She is called a prostitute in both Hebrew (Joshua Chapter 2 & Chapter 6.) and Christian (Hebrews 11:31) scripture, but the more we learn about human trafficking in ancient and modern times, the more we understand that this was most likely not a woman living a "lifestyle" of her own choosing.
What is clear is that she was three times an anawim - one of the social outcast beloved of God: a woman, a foreigner - and, a Canaanite of the city of Jericho at that - as well as a woman in the sex trade, probably then as it is now, not always a voluntary industry.
Rahab is also a woman geographically on the margins. The house in which she lives is on the outskirts of the city. Her rooftop was adjacent to the wall of the city. As the story unfolds, we will see that she uses her both her demographic and geographic locations to her distinct advantage.
The king of Jericho heard that two Israelite spies were within his city and ordered them to be brought out to him.
Rahab, the woman with whom the spies were staying, protected them by hiding them on her roof.
She told them how the citizens of Jericho had been fearful of the Israelites ever since they defeated the Egyptians via the Red Sea miracle (some 40 years prior). She agreed to help them escape, provided that she and her family were spared in the upcoming battle.
The spies agreed to her request, giving her three conditions to be met: 1) she must distinguish her house from the others by hanging a scarlet rope out of the window so the Israelites would know which home to spare; 2) her family must be inside the house during the battle; and 3) she must not later turn on the spies.
The two spies safely escaped the city and returned to Joshua. They reported to him that "the whole land was melting with fear".
The Israelites crossed the Jordan into Canaan where they laid siege to the city of Jericho. The city was completely destroyed, and every man, woman, and child in it was killed. Only Rahab and her family were spared.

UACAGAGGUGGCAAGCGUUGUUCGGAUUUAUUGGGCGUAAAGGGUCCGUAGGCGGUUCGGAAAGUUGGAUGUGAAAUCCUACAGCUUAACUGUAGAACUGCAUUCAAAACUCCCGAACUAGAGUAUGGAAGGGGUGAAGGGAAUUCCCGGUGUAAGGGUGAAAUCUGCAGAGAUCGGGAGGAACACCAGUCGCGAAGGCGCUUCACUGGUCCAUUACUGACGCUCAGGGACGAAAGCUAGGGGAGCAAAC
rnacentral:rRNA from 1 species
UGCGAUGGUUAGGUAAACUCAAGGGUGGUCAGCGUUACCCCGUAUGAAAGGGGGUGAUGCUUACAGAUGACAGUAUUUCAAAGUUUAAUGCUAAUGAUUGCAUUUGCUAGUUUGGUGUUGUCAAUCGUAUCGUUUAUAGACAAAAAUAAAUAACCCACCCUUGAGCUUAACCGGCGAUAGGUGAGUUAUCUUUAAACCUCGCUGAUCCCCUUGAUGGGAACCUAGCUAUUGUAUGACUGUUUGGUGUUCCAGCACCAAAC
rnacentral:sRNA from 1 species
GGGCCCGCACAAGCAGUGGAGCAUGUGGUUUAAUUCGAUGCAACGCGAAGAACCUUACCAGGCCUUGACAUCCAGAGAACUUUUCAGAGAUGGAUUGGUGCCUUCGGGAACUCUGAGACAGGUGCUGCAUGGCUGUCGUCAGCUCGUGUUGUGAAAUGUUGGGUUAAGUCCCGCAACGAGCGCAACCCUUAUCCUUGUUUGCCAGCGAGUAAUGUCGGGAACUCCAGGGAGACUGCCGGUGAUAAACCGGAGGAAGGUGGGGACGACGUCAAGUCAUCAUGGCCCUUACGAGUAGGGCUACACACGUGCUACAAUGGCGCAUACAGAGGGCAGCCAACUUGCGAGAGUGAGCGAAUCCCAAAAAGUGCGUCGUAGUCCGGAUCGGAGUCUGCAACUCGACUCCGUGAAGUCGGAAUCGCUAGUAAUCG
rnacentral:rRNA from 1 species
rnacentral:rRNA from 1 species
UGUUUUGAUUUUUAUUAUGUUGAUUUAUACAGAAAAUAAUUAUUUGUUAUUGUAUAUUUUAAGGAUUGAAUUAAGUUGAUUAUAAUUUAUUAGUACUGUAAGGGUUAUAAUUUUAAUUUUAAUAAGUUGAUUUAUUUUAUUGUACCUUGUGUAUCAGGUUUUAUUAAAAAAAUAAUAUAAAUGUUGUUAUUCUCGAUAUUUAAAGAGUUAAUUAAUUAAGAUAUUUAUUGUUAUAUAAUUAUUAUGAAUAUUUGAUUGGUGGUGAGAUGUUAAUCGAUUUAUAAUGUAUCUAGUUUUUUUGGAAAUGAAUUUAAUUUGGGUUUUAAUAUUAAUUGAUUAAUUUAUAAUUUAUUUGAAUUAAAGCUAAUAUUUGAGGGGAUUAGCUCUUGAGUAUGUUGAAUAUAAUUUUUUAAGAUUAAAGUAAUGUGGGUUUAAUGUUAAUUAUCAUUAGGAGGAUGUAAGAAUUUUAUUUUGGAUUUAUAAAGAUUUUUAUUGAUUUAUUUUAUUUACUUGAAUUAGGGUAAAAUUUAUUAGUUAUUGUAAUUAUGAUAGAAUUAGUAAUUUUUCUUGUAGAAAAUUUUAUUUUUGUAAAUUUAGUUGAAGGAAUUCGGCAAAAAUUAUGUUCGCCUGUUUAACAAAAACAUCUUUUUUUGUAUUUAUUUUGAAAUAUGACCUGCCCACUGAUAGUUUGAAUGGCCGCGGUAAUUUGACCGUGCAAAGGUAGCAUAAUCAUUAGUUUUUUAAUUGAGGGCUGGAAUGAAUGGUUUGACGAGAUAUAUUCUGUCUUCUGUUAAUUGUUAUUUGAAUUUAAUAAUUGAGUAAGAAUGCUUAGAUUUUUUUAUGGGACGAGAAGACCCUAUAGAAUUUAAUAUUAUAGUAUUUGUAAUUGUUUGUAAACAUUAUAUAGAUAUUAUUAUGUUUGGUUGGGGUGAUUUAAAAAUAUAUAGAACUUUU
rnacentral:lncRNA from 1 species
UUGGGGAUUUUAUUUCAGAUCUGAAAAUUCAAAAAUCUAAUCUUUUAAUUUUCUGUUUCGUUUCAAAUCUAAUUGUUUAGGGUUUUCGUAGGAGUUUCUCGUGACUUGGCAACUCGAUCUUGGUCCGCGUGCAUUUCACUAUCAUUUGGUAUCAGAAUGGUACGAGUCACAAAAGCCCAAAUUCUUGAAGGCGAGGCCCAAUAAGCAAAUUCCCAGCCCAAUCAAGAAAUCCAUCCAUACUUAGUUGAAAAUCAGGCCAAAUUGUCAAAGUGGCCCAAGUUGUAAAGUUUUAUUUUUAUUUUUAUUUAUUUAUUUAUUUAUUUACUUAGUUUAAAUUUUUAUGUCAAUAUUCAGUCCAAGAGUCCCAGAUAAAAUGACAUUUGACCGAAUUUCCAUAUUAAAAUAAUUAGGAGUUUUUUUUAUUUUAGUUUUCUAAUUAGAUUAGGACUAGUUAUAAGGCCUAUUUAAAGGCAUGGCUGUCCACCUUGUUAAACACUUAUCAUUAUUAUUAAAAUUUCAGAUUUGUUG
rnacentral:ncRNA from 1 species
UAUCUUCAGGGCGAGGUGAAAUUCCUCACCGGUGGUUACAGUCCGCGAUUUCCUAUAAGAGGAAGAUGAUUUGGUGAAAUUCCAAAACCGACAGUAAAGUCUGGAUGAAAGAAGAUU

Eventually, Rahab marries Salmon, an Israelite from the tribe of Judah. Her son was Boaz, the husband of Ruth. Joseph, the legal father of Jesus, is her direct descendant.
Rahab is not someone we would expect to defy a king, save Israelite spies, and play a part in God’s people taking the Promised Land. But this is exactly what happens.
Rahab is the first occupant of the foreign lands to show loyalty to Israel and Yahweh, and is welcomed in as a new member of the nation of Israel.
In Joshua 2:8-11, Rahab reveals herself as a prophet of God. She gives a declaration to the spies that Israel will successfully take over the land of Jericho.
The Israelites do not yet know this to be true, but her words bear weight with them and they carry her message back to Joshua. Rahab’s foretelling of the work of the Lord causes Joshua to move into action.
Rahab plays the temporary savior to Israel by protecting the spies, declaring their victory, and eventually becoming part of the lineage of the House of David.
In traditional religious literature, much is made of the "fact" that Rahab is a prostitute whom God lifted high. She is more likely an oppressed and marginalized outcast, forced into human trafficking industry in order to survive, in whom God saw great potential and ability.
Remember Sister Rahab and her ability to use her demographic and geogrpahic location, both concidered morally suspect and sinful, as courageous rescurer, bold prophet, and humble vehicle of the royal lineage of The Messiah.
Remember and tell her stoy to your children that your children's children, from generation to generation, may know that the Glory of God is the human person fully alive.
Holy God, give us the ability to use all that we have been given, no matter how humble or seemingly inadequate or inferior, to your glory and in service of your love for all your people.